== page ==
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[Colloquium] Quantitative Analysis and Simulation of Latency-Related Pathways in a Murine Model of Mycobacterium tuberculosis Infection

October 2, 2009

Watch Colloquium: 

Quicktime file (582 MB)
AVI file  (442 MB)


  • Date: Friday, October 2nd, 2009 
  • Time: 12 pm — 12:50 pm 
  • Place: Centennial Engineering Center, Room 1041

Elebeoba E. May
Sandia National Lab

Abstract: Tuberculosis (TB), caused by the bacterium Mycobacterium tuberculosis (Mtb), is a growing international health crisis. Mtb is able to persist in host tissues in a nonreplicating persistence (NRP) In vitro models have identified enzymes and associated pathways up regulated during NRP, which are thought to supply energy through alternative pathways to the biosynthetically restricted pathogen (Wayne and Sohaskey, 2001). In the hypoxic model of NRP, the tubercle bacilli can circumvent the shortage of oxygen by developing alternative energy generation mechanisms using pathways such as those involved in the glyoxylate-to-glycine shunt (GtG) that may serve to replenish NAD (Wayne and Sohaskey, 2001; Wayne and Lin, 1982). Using Michaelis-Menten and mass action kinetics, data from MetaCyc, and initial rates from BRENDA, we are constructing a BioXyce model of M.tuberculosis that includes pathways identified through in vitro and in vivo studies. Simulation and analysis of NRP-relevant pathways will enable quantitative assessment of the molecular basis of latency and reactivation in murine models of infection.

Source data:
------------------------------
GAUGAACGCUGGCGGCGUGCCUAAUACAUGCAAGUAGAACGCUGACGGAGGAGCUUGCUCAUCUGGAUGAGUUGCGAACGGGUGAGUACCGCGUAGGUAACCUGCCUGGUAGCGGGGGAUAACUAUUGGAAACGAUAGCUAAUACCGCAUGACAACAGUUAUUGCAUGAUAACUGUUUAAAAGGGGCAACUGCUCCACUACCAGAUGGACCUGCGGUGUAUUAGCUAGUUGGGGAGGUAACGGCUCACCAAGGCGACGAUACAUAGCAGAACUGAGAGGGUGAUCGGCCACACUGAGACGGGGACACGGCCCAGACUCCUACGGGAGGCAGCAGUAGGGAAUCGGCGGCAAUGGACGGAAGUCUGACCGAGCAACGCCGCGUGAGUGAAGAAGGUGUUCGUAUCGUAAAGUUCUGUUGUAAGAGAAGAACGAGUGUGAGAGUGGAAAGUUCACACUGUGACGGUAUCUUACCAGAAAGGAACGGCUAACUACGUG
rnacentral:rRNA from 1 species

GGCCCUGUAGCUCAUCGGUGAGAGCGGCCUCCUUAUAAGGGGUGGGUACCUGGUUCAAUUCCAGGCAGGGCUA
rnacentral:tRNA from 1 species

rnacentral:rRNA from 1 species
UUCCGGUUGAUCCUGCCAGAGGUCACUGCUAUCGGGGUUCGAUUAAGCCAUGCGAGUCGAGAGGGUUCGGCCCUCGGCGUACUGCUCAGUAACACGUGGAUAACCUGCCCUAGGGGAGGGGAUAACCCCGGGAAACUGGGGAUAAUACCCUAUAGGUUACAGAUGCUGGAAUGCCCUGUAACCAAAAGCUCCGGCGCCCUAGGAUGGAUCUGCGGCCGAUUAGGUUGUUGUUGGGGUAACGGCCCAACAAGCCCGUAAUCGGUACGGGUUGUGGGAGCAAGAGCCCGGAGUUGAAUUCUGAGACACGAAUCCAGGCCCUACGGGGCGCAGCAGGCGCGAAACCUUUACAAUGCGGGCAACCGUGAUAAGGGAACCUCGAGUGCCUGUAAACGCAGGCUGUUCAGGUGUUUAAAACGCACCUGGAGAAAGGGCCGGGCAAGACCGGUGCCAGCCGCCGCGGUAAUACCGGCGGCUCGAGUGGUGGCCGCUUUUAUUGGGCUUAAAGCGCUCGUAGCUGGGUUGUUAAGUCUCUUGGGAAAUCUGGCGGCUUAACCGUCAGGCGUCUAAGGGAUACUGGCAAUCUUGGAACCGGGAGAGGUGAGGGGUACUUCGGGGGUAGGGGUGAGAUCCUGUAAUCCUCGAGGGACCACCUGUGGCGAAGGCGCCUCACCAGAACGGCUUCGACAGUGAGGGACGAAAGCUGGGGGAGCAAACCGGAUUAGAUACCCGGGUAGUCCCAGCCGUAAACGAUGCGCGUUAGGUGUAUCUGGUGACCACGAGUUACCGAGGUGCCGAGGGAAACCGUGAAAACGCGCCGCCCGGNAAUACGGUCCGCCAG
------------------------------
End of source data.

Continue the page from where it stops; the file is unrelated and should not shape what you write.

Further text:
This work is supported by an NIH/NHLBI grant 5K25HL75105-3. Sandia is a multiprogram laboratory operated by Sandia Corporation, a Lockheed Martin Company for the United States Department of Energy’s National Nuclear Security Administration under contract DE-AC04-94AL85000.

Bio: Dr. Elebeoba E. May received her Ph.D. in computer engineering from North Carolina State University and is a Principle Member Technical Staff in Sandia National Laboratories Discrete Mathematics and Complex Systems Department. She is an Adjunct Research Assistant Professor in UNM-HSC’,s Internal Medicine Department with a joint appointment as an Adjunct Research Assistant Professor in UNM’s Electrical and Computer Engineering Department. Her research interests include the use and application of information theory, coding theory, and signal processing to the analysis of genetic regulatory mechanisms, the design and development of intelligent biosensors, and large-scale simulation and analysis of biological pathways and systems. Since joining SNL, Dr. May has provided computational biology leadership in the development of BioXyce, a large-scale systems biology simulation tool and continues leading development efforts in the application of BioXyce to simulation-based studies of host/pathogen interactions.

Dr. May is a recipient of the 2003 and 2008 Women of Color Research Sciences and Technology Award for Outstanding Young Scientist or Engineer and an NIH/NHLBI K25 Quantitative Research Career Development Grant to quantitatively decipher the genetic basis of latency in M. tuberculosis infection.